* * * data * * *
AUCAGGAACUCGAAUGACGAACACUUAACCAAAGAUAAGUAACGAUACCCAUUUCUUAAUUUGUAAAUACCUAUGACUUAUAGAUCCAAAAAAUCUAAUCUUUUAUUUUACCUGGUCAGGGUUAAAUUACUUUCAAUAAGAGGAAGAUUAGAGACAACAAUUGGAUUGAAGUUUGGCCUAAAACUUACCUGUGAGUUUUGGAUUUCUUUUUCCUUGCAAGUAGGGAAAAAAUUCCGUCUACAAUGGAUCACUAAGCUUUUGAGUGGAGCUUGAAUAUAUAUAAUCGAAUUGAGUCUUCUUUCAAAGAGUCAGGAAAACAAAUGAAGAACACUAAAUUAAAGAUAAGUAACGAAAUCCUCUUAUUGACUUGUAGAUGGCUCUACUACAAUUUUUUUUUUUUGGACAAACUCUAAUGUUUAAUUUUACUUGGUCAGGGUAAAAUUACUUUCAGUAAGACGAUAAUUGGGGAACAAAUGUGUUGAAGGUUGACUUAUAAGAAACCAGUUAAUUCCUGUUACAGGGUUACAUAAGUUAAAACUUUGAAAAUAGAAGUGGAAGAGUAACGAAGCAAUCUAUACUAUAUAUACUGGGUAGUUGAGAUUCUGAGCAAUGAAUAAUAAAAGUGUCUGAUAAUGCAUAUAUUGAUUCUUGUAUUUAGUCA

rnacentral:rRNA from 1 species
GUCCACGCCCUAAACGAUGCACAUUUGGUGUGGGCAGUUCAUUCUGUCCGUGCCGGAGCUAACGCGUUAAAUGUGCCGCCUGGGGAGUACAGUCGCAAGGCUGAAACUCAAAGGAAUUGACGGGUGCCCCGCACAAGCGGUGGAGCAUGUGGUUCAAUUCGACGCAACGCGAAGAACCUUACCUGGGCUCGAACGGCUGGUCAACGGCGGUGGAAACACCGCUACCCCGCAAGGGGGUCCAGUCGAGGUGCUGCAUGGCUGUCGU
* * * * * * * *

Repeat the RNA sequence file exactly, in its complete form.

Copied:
AUCAGGAACUCGAAUGACGAACACUUAACCAAAGAUAAGUAACGAUACCCAUUUCUUAAUUUGUAAAUACCUAUGACUUAUAGAUCCAAAAAAUCUAAUCUUUUAUUUUACCUGGUCAGGGUUAAAUUACUUUCAAUAAGAGGAAGAUUAGAGACAACAAUUGGAUUGAAGUUUGGCCUAAAACUUACCUGUGAGUUUUGGAUUUCUUUUUCCUUGCAAGUAGGGAAAAAAUUCCGUCUACAAUGGAUCACUAAGCUUUUGAGUGGAGCUUGAAUAUAUAUAAUCGAAUUGAGUCUUCUUUCAAAGAGUCAGGAAAACAAAUGAAGAACACUAAAUUAAAGAUAAGUAACGAAAUCCUCUUAUUGACUUGUAGAUGGCUCUACUACAAUUUUUUUUUUUUGGACAAACUCUAAUGUUUAAUUUUACUUGGUCAGGGUAAAAUUACUUUCAGUAAGACGAUAAUUGGGGAACAAAUGUGUUGAAGGUUGACUUAUAAGAAACCAGUUAAUUCCUGUUACAGGGUUACAUAAGUUAAAACUUUGAAAAUAGAAGUGGAAGAGUAACGAAGCAAUCUAUACUAUAUAUACUGGGUAGUUGAGAUUCUGAGCAAUGAAUAAUAAAAGUGUCUGAUAAUGCAUAUAUUGAUUCUUGUAUUUAGUCA

rnacentral:rRNA from 1 species
GUCCACGCCCUAAACGAUGCACAUUUGGUGUGGGCAGUUCAUUCUGUCCGUGCCGGAGCUAACGCGUUAAAUGUGCCGCCUGGGGAGUACAGUCGCAAGGCUGAAACUCAAAGGAAUUGACGGGUGCCCCGCACAAGCGGUGGAGCAUGUGGUUCAAUUCGACGCAACGCGAAGAACCUUACCUGGGCUCGAACGGCUGGUCAACGGCGGUGGAAACACCGCUACCCCGCAAGGGGGUCCAGUCGAGGUGCUGCAUGGCUGUCGU